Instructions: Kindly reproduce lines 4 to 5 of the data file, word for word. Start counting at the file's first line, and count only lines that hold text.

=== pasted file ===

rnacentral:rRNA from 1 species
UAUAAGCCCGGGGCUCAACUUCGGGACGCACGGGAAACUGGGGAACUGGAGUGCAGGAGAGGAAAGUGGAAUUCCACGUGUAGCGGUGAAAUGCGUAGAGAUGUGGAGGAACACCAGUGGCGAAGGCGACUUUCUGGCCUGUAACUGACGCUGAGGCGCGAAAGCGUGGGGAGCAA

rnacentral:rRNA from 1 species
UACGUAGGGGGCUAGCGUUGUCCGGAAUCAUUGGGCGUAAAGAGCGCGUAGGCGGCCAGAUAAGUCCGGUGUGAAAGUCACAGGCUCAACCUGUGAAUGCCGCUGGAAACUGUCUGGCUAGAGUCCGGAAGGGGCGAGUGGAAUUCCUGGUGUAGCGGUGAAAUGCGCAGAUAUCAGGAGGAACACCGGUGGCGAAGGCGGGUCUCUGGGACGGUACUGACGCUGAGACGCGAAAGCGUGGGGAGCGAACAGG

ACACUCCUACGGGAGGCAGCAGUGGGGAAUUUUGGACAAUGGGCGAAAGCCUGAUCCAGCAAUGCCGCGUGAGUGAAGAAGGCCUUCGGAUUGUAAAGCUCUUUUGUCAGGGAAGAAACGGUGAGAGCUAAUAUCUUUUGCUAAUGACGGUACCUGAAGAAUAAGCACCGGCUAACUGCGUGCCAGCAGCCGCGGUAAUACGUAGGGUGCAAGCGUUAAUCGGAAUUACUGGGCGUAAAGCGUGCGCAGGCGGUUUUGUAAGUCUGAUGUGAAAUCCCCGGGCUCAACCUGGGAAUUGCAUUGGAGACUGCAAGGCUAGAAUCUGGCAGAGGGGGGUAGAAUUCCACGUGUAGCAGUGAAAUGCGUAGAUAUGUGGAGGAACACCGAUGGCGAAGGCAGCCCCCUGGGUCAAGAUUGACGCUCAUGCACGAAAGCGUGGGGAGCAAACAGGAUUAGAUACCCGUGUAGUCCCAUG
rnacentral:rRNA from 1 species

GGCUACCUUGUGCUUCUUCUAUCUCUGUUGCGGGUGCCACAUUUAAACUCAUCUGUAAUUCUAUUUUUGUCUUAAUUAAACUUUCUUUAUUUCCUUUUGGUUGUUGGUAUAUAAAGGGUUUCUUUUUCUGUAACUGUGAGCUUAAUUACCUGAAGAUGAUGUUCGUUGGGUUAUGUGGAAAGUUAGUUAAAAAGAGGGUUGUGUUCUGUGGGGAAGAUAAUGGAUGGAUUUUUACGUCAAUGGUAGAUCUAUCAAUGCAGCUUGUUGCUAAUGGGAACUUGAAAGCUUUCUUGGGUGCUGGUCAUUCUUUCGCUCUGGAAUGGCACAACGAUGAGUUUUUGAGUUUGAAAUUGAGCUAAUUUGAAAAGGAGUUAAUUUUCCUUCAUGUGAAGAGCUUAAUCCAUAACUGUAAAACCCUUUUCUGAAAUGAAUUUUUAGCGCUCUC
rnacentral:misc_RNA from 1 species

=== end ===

UACGUAGGGGGCUAGCGUUGUCCGGAAUCAUUGGGCGUAAAGAGCGCGUAGGCGGCCAGAUAAGUCCGGUGUGAAAGUCACAGGCUCAACCUGUGAAUGCCGCUGGAAACUGUCUGGCUAGAGUCCGGAAGGGGCGAGUGGAAUUCCUGGUGUAGCGGUGAAAUGCGCAGAUAUCAGGAGGAACACCGGUGGCGAAGGCGGGUCUCUGGGACGGUACUGACGCUGAGACGCGAAAGCGUGGGGAGCGAACAGG

ACACUCCUACGGGAGGCAGCAGUGGGGAAUUUUGGACAAUGGGCGAAAGCCUGAUCCAGCAAUGCCGCGUGAGUGAAGAAGGCCUUCGGAUUGUAAAGCUCUUUUGUCAGGGAAGAAACGGUGAGAGCUAAUAUCUUUUGCUAAUGACGGUACCUGAAGAAUAAGCACCGGCUAACUGCGUGCCAGCAGCCGCGGUAAUACGUAGGGUGCAAGCGUUAAUCGGAAUUACUGGGCGUAAAGCGUGCGCAGGCGGUUUUGUAAGUCUGAUGUGAAAUCCCCGGGCUCAACCUGGGAAUUGCAUUGGAGACUGCAAGGCUAGAAUCUGGCAGAGGGGGGUAGAAUUCCACGUGUAGCAGUGAAAUGCGUAGAUAUGUGGAGGAACACCGAUGGCGAAGGCAGCCCCCUGGGUCAAGAUUGACGCUCAUGCACGAAAGCGUGGGGAGCAAACAGGAUUAGAUACCCGUGUAGUCCCAUG